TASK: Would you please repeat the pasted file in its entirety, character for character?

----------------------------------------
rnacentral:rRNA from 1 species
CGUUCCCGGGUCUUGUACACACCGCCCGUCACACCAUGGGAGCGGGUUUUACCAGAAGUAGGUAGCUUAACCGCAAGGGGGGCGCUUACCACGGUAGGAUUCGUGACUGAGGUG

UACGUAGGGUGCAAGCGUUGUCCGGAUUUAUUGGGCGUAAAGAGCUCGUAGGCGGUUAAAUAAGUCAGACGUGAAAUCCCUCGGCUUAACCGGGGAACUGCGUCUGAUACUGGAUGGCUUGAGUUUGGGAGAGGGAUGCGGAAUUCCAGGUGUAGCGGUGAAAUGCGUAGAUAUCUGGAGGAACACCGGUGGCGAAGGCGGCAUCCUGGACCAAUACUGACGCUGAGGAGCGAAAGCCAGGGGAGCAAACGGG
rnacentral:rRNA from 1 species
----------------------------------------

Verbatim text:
rnacentral:rRNA from 1 species
CGUUCCCGGGUCUUGUACACACCGCCCGUCACACCAUGGGAGCGGGUUUUACCAGAAGUAGGUAGCUUAACCGCAAGGGGGGCGCUUACCACGGUAGGAUUCGUGACUGAGGUG

UACGUAGGGUGCAAGCGUUGUCCGGAUUUAUUGGGCGUAAAGAGCUCGUAGGCGGUUAAAUAAGUCAGACGUGAAAUCCCUCGGCUUAACCGGGGAACUGCGUCUGAUACUGGAUGGCUUGAGUUUGGGAGAGGGAUGCGGAAUUCCAGGUGUAGCGGUGAAAUGCGUAGAUAUCUGGAGGAACACCGGUGGCGAAGGCGGCAUCCUGGACCAAUACUGACGCUGAGGAGCGAAAGCCAGGGGAGCAAACGGG
rnacentral:rRNA from 1 species